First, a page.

February 16, 2006
Kenya torture victims call for compensation
By Jack Kimball
NAIROBI (Reuters) - James Kariuki squeezes past the Land
Rover blocking the entrance to the place where he says he was
tortured for 44 days by Kenyan security forces.
It is the first time he has returned to Nairobi's infamous
Nyayo House since the day he was released over 20 years ago.
"My whole life was ruined. I was evicted. I was shunned by
those people who knew me," the 48-year-old said. "Being back
here, the trauma I underwent comes afresh."
Kariuki was one of dozens of survivors, relatives of
survivors and supporters who gathered in Nyayo House on
Thursday to protest what they say is the failure of the
government to honor its promises to torture victims, including
"We are reminding the government that the survivors still
expect it to fulfill all its promises," a child of a survivor
Exposed metal bars from the reinforced concrete jut down,
seemingly pointing the way to cells in the basement of Nyayo
House, a 24-storey building in downtown Nairobi.
Rights groups say more than 100 people were interrogated,
tortured and beaten there from 1983 to 1996, during the long
rule of former Kenyan President Daniel arap Moi. Some people
died, but no one knows how many.
Kariuki recounted how he -- under glaring, buzzing lights
that were on all day long -- was stripped naked and made to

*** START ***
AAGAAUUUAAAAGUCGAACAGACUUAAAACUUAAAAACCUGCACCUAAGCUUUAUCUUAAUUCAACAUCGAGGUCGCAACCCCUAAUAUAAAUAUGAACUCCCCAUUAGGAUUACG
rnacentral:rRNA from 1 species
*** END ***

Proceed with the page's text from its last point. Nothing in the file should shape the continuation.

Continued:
stand in ankle deep water, not even allowed to sleep.
"You don't know where you are. You can't think," he said.
"I used to lean against the wall to try to hear the footsteps
that high heels make as a way of knowing it was night."
Kariuki, like many others, was accused of belonging to an
underground movement called Mwakenya, which was said to be
against Moi's government.
He and the other protesters marched to Justice Minister
Martha Karua's office asking her to fulfill the government's
promises to turn Nyayo House into an "international monument of
shame" and compensate victims.
Karua was not in her office, but her spokeswoman came down
and listened to the protesters' grievances and said she would
try to organize a meeting with the minister.
The doors to the secret torture chambers were thrown open
in 2003 by the then new government of President Mwai Kibaki,
which said it wanted to reveal the criminal tactics used by its
Kibaki's government placed an advertisement in a local
newspaper to mark this week's third anniversary, but some
protesters saw it as an attempt to distract attention from
corruption scandals rocking the administration.
The ad contrasts two pictures. The first reads "Before" and
depicts a man with his hands tied behind his back, sitting on a
black chair that says "Nyayo House - Torture Chambers."
The second picture, with the caption "Democratic Space,"
shows a woman with arms outstretched. The ad says Kenyans
should commend Kibaki for bringing real democracy to Kenya.
"The government is using the advertisement as an escape
(from their current problems)," Edna Arati, a human rights
activist at the rally, said. "They want to be seen to be doing
something but they're not."
No arrests have been made so far in connection with the
torture allegations. Nor have any reparations been paid.